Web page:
Concerns about pay equity are nothing new. But tangible steps to do something to close pay equity gaps are relatively new and taking the form of pay transparency laws that are rapidly emerging around the country at both the state and local levels.
These laws include restrictions such as bans on employers seeking information about applicants’ past salary histories to requirements for employers to share information about pay ranges in their job postings and hiring materials.
One example—is anew pay transparency amendment currently making its way through the New York State Legislature. Currently being reviewed by New York Governor Kathy Hochul the bill would take effect on September 17, 2023, if passed.
What’s new about this amendment?
The most notable amending of New York’s proposed pay transparency law is that it would apply to any remote position physically performed outside that of New York that reports to an office, supervisor, or worksite in the state of New York. That obviously has a broad reach—and the potential to create confusion, complexity, and added costs for employers in New York relying on remote workers, as many employers are now doing.
New York City Pay transparency requirements
The legislation being considered by Governor Hochul is separate from existing pay transparency laws in New York City. This demonstrates the sometimes confusing patchwork of laws and regulations that impact employers who recruit and hire from multiple locations.
New York City has its own pay transparency requirements whichtook effect on November 1, 2022. There, employers with at least four employees are required to include salary information in job advertisements and job postings.
The new legislation being reviewed by Governor Hochul, though, would apply across the entire state of New York, and expand the impact and implications for employers in the state.
Pay transparency is on the rise
New York State isn’t the only state that has taken steps recently to legislate pay transparency among employers. In 2021,Colorado was the first state to require employers to include salary ranges and benefits information on job ads. Since then, more than a dozen other states have followed suit, most recently California, Rhode Island, and Washington with laws taking effect in those states on January 2, 2023.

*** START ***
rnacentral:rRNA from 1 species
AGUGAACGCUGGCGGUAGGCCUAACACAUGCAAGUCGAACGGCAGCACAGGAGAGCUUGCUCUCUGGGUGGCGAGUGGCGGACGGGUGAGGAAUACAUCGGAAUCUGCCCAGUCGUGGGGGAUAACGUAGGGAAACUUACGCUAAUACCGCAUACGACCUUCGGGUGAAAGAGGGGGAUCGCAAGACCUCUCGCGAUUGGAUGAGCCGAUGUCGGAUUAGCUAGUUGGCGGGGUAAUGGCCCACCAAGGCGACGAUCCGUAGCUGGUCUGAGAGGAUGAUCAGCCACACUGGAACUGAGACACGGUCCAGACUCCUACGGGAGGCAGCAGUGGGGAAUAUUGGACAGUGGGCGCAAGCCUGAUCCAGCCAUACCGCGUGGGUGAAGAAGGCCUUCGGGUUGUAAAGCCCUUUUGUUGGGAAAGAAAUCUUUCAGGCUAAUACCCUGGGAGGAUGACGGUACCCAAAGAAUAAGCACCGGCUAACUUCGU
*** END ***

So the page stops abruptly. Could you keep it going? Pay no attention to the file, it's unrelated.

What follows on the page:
The shifting landscape related to pay transparency laws, and the variations in requirements from state to state and even within municipalities, can make these requirements very complex and challenging for HR leaders to stay on top of. That’s particularly true of organizations that hire employees from locations outside of the geography of their headquarters, or that employ hybrid or remote workers.
To say on top of requirements around the country—and around the world—Trusaic offers a color-coded pay equity map highlighting pay requirements and indicating which are most stringent, medium, or low in terms of requirements. It’s a shifting landscape, so it’s a good resource to stay on top of requirements in areas where you hire employees.
As more laws like these surface and take effect, it’s important for employers to ensure that they are posting equitable and competitive salary ranges in their job listings. Tools like Trusaic’sSalary Range Finder can help employers ensure fair pay, prevent pay equity issues like wage compression, and comply with increasing pay transparency requirements.
To learn more about how software like the Salary Range Finder can help employers comply with pay transparency laws, download our guide on navigating pay transparency regulations.
Conducting a pay equity audit is a key component to ensuring equitable compensation within your organization. Just as important as the analysis is how you communicate findings and progress with various stakeholders. Download The Pay Equity Communications Planner to learn best practices for discussing compensation, both internally and externally.